Poverty imposes far-reaching hardships, not only on the poor but also on all who share their communities. Virginia can point to one of the lowest poverty rates in the nation — it was ranked 9th lowest in 2004 — and it continues to work to make education and opportunity available to its at-risk population.
Why is This Important?
Poverty has a significant impact on individuals and society at large. Children who live in poverty are likely to suffer from poor nutrition in infancy, experience emotional distress, and have an increased chance of academic failure and teenage pregnancy. Adult men and women who live in poverty are at a high risk of violence. Poverty can also affect seniors' ability to obtain health care and prescription medication or to care for themselves, given their health care costs.
How is Virginia Doing?
In 2005, Virginia had the eighth lowest poverty rate in the nation. During 2005, 10 percent of Virginia families fell below the federal poverty level. While this rate is an improvement over Virginia's 11.3 percent poverty rate of a decade ago, the general rise in poverty since 2001 suggests the state may be moving back toward higher poverty rates. Among Virginia's peers in 2005, Maryland had a lower rate of 8.2, while North Carolina and Tennessee both had higher rates of poverty at 15.1 and 15.5 percent respectively. The national average was 13.3 percent in 2005. New Hampshire had the lowest poverty rate at 7.5 percent.
In 2003, the Southwest Region had the highest percentage of families living below the poverty level (15.7 percent) of any region in the state, followed by Southside (15.6 percent) and Eastern (13.4 percent). At the other end of the scale, the Northern Region (5.4 percent) had the lowest percentage of families living below the poverty level, followed by Central (10.1 percent), and Valley (10.2 percent).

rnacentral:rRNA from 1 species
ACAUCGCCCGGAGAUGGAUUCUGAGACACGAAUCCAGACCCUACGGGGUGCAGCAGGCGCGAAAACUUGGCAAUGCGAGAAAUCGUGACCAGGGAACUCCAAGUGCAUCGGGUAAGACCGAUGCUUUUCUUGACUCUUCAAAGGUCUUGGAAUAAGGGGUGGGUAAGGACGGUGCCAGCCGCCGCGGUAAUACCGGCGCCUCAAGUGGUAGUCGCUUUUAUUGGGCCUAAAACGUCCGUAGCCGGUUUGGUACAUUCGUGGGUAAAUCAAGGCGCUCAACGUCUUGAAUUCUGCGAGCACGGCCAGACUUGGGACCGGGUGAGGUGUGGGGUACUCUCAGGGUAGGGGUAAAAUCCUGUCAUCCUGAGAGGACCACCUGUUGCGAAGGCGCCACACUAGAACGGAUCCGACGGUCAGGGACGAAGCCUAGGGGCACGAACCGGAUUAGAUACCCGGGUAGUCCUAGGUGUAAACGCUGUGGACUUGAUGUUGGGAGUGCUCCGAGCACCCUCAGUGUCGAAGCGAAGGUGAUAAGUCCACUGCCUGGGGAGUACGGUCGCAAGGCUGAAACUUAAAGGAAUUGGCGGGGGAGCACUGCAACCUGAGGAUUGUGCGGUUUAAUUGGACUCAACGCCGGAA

What Influences Poverty?
As with personal income, the two largest factors affecting poverty are educational attainment and economic opportunity.
What is the State's Role?
Traditionally, the primary role of government in addressing this issue has been to provide a social safety net that mitigates the impact of poverty. Since the mid-1990s, however, welfare reform efforts at the state and federal level have changed the focus of this effort to "welfare to work," where those in need are provided temporary assistance and access to resources that will enable them to become self-supporting. This is accomplished through programs like Temporary Assistance for Needy Families, food stamps, Medicaid and various workforce initiatives. In addition to temporary assistance and workforce training for those in poverty, the state can reduce long-term poverty rates by enhancing general education and providing a good business climate — two of the key factors that affect long-term poverty rates.
Data Definitions and Sources
U.S. Census Bureau
Localities, State, US: 1995-2003
States, US: 2004, 2005